A Brother’s Watch
by Jane L
Dixie McCall pulled the white starched cap from her head as she stepped out of the elevator. Her work shift over, she longed for the familiar living room with its over-stuffed chair and an opportunity to kick off her white shoes and relax. It had been a long day. But getting comfortable at home would have to wait a little longer. She had an important stop to make first.
Moving quietly down the corridor and past the Fourth Floor Nurses Station, she was grateful to find the cubicle empty. It wasn’t that Dixie couldn’t explain her presence; it was just easier not to. Playing favorites wasn’t something the head nurse approved of, but she couldn’t help where her heart took her.
The door to Room 408 was closed, no sounds emanating from within. Dix sighed in relief, taking the quiet as a good sign. Hopefully the patient was asleep, and his visitor gone home for the night. Pushing the door open slowly, she took one step before stopping to stare. Multiple options rushed through her mind, but only two real choices presented themselves. Turn around to quietly slip away, or step forward and send the visitor packing. As she fought a quick mental battle over which option would be best served, Dixie took in the slumped shoulders with head tipped forward. From her vantage point, it was clear that the man had been here awhile. Elbows on the arms of his chair, hands held together with his chin resting on the tips of his fingers, the paramedic was the epitome of misery. Three steps from door to his chair, Dixie’s touch was gentle when she put a hand on his arm.
“What are you still doing here?”
Weary eyes looked up at her, the expression noncommittal.
“Dr. Brackett told you that it will take a few weeks, but he’ll be fine.”
“You were supposed to go home.”
“Couldn’t leave.” The tired voice repeated.
Dixie stared at the sleeping form on the bed, eyes taking in the tubes and wires that ran from body to machine.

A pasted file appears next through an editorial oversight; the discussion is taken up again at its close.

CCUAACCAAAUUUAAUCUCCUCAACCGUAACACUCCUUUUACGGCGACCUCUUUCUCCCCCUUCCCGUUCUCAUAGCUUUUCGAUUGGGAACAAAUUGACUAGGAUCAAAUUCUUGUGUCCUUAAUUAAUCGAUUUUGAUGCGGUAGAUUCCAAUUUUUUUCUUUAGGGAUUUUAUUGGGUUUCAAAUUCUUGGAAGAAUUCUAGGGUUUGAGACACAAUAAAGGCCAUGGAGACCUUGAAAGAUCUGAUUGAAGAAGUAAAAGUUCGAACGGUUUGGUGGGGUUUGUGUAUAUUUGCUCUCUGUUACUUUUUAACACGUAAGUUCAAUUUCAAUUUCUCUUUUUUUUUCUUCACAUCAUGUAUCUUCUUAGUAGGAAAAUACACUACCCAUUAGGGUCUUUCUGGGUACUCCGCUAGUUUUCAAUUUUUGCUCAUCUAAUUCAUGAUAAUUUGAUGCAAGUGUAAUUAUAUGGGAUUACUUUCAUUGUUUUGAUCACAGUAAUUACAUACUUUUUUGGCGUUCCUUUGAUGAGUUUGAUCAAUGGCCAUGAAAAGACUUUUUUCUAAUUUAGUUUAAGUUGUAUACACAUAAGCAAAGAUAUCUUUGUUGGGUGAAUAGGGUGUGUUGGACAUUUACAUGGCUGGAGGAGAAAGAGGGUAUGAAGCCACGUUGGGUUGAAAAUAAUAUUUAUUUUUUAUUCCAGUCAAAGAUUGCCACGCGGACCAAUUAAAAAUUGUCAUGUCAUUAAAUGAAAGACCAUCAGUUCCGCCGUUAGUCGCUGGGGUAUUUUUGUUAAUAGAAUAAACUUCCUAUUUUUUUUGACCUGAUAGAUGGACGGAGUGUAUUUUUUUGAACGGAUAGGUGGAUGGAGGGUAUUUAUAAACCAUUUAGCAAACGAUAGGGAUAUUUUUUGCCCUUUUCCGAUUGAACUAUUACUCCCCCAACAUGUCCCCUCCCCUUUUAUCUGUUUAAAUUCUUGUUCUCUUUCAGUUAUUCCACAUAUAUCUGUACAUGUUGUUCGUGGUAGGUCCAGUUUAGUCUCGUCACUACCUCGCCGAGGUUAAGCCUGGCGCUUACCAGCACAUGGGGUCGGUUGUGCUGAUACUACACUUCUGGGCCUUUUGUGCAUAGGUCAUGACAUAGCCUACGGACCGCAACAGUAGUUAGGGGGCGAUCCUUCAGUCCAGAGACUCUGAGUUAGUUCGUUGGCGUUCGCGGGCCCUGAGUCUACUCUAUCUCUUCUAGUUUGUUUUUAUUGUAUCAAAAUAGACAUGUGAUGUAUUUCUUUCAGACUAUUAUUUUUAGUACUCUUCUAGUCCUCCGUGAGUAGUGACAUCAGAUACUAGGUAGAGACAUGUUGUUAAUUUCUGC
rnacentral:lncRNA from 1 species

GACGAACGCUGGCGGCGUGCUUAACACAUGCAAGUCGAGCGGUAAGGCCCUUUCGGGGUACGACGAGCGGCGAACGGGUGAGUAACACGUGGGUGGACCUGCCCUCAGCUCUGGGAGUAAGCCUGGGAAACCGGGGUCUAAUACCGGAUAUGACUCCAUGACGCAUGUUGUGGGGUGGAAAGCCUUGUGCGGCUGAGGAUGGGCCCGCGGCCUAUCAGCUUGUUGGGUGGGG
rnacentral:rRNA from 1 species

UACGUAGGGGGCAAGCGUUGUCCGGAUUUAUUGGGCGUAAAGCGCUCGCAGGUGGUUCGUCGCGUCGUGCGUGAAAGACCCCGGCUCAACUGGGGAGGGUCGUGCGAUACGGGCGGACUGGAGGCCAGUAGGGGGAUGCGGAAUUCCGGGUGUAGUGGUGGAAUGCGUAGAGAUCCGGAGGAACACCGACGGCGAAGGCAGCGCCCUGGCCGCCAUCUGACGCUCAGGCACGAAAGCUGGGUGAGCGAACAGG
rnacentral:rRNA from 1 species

“Numbers look good.”
“Yeah. He seems to be resting easier now.”
“Rough one, huh?”
“He’s going to be okay.”
Dixie squeezed the man’s shoulder, shaking her head at the ragged countenance.
“You’re not going to do him any good wearing yourself out. You need to go home and get some rest yourself.”
The fact that there was no answer only increased the nurse’s concern. But instead of resorting to her firm voice and tough demands, she sensed that the young man wasn’t trying to be difficult, and could use a friend. Quietly pulling up the other vinyl chair, she sat next to the paramedic and leaning over, looked into his face. She stayed there until he turned his gaze from his sleeping partner to the worried nurse.
“I almost lost him.”
“I know. Captain Stanley told us what happened. But you managed to hold him until help arrived.”
“No. I mean, I almost . . lost him.”
Realization slowly dawned, and Dixie found her eyes slipping away from his steady gaze.
“Don’t know if I can do this.”
Dixie waited, but there was no more, just the deep breathing of someone struggling to control their emotions.
“You being his partner makes all the difference. Being there, watching out for each other. You’re partners for a reason. You need each other. And you’re good for each other.”
“We’ve been lucky. But what if-.”
“What if it goes wrong?”
“Yeah. If I lose him . . it’s not just losing a partner. I’d be losing . .my brother.”
“I know you feel that way. All of you guys are close, especially you two. But-.”
“You don’t understand, Dix. It’s not just that he’s like a brother. He is . . my brother. My family. My only family.”